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New Delhi: The government has approved a proposal for the indigenous development of Airborne Warning and Control System (Awacs) aircraft by the Defence Research and Development Organisation (DRDO) and the project is slated to be completed by 2020, Defence Minister A K Antony told the Lower House (Lok Sabha) yesterday.
“To leverage the experience and expertise gained in the design and development of Airborne Early Warning and Control Systems, a project proposal for indigenous development of Awacs (India) by DRDO has been approved by the Cabinet Committee on Security on February 12, 2013. The development of Awacs (India) is envisaged to be completed in 84 months from the date of formal sanction of the Programme,” Antony said during Question Hour.
He said three Awacs aircraft were in use by the Indian Air Force (IAF) and the government would procure more such planes.
He said the Awacs were meant as force multipliers for specific area cover and not for surveillance of the entire space of our country. “All three Awacs are part of Network Centric Operations and are able to provide adequate coverage of specified areas in net Centric Operations. Enhancement of airborne surveillance and command and control capabilities of the IAF is sought to be achieved through procurement of additional Awacs,” he said.
Answering another query, he said modernisation of IAF was a continuous process based on threat perception, operational challenges, technological changes and available resources.
The minister said the IAF’s modernisation was progressing as per the Long Term Integrated Perspective Plan (LTIPP 2012-2027) and Defence Procurement Procedure (DPP). He said it takes two to three years to complete various stages of procurement and conclude the contract according to DPP.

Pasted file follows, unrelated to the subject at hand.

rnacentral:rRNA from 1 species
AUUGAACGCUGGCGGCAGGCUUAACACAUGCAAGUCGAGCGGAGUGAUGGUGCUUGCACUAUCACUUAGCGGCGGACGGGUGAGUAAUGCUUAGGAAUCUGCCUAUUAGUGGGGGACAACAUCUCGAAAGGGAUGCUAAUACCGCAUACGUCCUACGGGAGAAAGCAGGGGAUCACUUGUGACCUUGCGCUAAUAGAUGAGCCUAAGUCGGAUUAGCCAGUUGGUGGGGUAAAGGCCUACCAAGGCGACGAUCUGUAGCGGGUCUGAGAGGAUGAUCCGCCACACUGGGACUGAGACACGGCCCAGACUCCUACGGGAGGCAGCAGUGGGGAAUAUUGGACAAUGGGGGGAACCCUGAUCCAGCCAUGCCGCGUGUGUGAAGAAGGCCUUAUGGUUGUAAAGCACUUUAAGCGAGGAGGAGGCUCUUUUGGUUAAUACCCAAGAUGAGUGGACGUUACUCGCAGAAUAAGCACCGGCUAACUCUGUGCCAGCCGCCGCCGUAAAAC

Referring to proposed acquisition of 126 Medium Multi-Role Combat Aircraft, the minister said contract negotiations were in progress with M/s Dassault Aviation, France.
He said DPP provides an effective framework for expeditious procurement for modernisation and to keep the armed forces in a state of operational readiness to meet any eventuality.
The minister also said India plans to draft new arms procurement procedures in the wake of a corruption scandal involving Italian helicopters — just two years after the rules were last overhauled.
The redrafting could mean fresh delays to India’s ambitious programme of arming its million-plus military with latest hardware, experts say.
“Within a few months, we are going to change the defence procurement procedure again,” Antony told parliament.
The procurement policy was last revised in 2011.
India, which is currently negotiating a $120bn deal for 126 French Rafale fighter jets, already faces complaints from overseas arms vendors of long delays in handing out military contracts.
India last month began an inquiry into the purchase of 12 AgustaWestland helicopters for VIPs in 2010. Italian authorities have arrested the chief executive of AgustaWestland’s parent company, Finmeccanica.
India has put payments to Finmeccanica on hold and asked it to say whether any terms of the contract and of an “integrity pact” were violated in securing the deal to supply the 12 helicopters.
Finmeccanica and its chief executive Giuseppe Orsi have denied that any bribes were paid to clinch the $748m contract for the British-built helicopters.
Antony told parliament that India was compelled to import hardware for its technology-starved military “because of the operational necessity of the services”.
India imports more than 70 percent of its armaments mainly from Britain, France, Russia, Israel and the United States.
Local production would be the “ultimate solution to the scourge of corruption”, the defence minister told the lower house of parliament.
India’s arms acquisition policies, first put in place in 2001, were aimed at “expediting decision-making” and simplifying contracts, according to the defence ministry.Agencies